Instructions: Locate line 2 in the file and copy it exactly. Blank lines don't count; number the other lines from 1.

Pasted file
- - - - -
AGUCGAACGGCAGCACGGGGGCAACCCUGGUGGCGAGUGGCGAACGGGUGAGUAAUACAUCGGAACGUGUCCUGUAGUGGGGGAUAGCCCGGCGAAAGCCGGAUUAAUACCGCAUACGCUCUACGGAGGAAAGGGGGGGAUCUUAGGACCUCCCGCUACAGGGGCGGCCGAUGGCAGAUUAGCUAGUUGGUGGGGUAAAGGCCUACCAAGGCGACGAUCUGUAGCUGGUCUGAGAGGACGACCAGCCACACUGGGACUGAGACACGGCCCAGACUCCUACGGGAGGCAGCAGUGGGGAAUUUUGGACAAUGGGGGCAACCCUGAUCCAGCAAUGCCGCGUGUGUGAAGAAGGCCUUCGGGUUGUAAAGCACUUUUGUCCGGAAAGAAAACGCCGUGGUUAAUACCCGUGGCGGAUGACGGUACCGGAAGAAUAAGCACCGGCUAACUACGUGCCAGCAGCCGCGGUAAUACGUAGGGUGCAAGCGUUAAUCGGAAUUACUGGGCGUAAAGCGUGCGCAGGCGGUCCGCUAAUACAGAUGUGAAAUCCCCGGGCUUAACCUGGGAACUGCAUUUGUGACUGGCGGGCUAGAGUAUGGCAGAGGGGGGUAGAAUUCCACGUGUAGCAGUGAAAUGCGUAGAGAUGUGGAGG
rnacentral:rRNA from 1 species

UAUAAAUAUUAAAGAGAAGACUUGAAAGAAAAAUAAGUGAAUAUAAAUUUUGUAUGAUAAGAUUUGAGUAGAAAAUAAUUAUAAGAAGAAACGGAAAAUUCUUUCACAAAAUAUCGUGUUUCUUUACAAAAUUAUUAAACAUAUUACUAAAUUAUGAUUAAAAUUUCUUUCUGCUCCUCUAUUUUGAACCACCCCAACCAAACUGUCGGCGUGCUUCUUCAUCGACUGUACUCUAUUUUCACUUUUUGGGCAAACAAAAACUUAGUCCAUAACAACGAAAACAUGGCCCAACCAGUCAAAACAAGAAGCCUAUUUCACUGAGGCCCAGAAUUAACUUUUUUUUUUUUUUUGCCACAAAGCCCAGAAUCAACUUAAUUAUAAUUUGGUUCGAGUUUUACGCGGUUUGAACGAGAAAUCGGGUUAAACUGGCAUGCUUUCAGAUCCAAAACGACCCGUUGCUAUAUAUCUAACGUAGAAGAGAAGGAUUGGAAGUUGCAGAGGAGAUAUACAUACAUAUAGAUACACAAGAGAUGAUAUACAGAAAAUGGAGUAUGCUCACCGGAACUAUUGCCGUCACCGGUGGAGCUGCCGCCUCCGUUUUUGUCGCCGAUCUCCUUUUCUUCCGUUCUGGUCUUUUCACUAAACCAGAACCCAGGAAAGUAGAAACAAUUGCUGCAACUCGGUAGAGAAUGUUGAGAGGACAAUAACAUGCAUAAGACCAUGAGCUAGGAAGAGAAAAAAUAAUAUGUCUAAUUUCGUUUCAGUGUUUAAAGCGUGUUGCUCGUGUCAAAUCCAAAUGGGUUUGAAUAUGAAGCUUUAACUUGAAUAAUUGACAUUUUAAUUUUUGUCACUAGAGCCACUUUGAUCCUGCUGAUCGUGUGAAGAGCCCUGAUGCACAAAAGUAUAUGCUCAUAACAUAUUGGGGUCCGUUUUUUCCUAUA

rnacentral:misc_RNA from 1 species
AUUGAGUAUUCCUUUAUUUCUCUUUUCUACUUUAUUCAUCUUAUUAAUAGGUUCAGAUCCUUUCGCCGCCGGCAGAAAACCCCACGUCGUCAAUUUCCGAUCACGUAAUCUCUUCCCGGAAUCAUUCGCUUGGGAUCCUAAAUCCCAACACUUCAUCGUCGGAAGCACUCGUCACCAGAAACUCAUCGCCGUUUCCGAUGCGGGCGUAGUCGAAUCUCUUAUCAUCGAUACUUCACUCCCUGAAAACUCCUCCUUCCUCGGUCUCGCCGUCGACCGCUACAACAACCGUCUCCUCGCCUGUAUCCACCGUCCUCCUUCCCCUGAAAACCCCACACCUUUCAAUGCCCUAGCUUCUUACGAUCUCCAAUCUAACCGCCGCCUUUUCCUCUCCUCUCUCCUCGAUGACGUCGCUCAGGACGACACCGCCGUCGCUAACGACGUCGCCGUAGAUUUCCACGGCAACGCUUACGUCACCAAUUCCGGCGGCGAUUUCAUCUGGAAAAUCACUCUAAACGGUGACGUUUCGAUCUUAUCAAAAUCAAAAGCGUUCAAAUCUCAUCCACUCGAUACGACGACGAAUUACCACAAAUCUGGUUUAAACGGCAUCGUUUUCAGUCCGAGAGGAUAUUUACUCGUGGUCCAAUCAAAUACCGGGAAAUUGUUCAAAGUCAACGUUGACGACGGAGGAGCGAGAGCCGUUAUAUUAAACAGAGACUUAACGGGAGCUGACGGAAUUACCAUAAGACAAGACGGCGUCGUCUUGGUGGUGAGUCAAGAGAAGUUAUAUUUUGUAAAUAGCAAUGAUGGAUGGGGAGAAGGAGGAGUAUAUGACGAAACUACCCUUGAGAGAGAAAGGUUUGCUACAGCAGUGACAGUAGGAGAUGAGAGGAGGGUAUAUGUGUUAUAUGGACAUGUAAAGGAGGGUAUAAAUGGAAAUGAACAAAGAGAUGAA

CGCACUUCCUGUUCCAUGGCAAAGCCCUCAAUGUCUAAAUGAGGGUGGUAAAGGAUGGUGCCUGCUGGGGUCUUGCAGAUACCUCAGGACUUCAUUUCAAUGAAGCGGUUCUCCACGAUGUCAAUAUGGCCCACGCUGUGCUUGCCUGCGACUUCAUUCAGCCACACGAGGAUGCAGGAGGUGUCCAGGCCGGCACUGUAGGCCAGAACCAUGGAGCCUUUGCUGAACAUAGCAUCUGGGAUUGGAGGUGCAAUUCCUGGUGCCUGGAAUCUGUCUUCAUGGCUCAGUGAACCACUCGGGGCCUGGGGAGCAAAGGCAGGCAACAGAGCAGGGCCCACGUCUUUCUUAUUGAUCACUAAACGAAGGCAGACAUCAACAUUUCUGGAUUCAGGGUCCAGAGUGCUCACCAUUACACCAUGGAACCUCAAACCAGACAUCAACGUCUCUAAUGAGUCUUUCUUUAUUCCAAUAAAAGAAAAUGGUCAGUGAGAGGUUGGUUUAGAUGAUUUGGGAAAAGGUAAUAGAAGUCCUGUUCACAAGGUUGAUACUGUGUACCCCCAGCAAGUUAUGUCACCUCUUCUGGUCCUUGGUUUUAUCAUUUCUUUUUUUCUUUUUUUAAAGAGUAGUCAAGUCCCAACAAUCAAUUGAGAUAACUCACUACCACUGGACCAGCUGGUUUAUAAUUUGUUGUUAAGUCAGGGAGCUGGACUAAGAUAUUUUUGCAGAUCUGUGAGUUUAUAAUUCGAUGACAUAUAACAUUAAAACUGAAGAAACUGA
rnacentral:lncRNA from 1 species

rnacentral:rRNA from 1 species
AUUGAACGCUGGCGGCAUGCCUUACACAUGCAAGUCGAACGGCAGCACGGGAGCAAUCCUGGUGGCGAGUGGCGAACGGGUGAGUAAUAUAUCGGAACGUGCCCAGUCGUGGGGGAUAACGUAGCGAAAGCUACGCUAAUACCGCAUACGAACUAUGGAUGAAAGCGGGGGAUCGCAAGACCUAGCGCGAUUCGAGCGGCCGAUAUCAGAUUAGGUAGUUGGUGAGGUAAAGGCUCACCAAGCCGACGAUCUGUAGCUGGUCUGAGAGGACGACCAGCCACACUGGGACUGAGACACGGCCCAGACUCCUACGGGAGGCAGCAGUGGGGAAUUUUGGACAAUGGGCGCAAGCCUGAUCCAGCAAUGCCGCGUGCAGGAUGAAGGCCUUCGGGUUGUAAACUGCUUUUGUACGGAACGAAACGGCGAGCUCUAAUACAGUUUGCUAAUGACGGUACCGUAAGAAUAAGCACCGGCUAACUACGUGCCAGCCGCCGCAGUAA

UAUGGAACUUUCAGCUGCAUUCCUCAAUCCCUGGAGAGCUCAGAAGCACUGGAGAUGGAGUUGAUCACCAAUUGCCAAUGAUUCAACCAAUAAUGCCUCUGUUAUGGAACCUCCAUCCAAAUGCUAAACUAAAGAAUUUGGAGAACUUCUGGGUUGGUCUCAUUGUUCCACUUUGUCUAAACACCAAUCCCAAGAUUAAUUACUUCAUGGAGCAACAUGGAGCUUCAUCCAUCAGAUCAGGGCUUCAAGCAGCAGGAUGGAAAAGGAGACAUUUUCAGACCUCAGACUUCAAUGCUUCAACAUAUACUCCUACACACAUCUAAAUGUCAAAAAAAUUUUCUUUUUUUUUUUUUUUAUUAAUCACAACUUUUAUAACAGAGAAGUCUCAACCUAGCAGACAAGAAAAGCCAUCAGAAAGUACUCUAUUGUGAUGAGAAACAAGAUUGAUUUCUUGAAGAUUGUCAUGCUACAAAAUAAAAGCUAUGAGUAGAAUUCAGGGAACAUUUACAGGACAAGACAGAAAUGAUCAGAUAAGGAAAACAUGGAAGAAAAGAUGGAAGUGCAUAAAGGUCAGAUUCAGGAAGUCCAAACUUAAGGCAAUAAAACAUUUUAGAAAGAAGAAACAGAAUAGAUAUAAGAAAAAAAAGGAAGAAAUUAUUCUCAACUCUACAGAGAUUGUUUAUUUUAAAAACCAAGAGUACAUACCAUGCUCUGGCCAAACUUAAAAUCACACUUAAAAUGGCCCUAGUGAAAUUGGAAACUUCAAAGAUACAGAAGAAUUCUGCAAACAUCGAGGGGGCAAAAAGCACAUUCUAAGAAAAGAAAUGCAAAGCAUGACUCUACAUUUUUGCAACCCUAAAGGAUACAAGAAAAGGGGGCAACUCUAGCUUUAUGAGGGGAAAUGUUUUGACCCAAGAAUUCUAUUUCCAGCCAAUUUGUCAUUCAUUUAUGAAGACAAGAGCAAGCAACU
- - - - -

rnacentral:rRNA from 1 species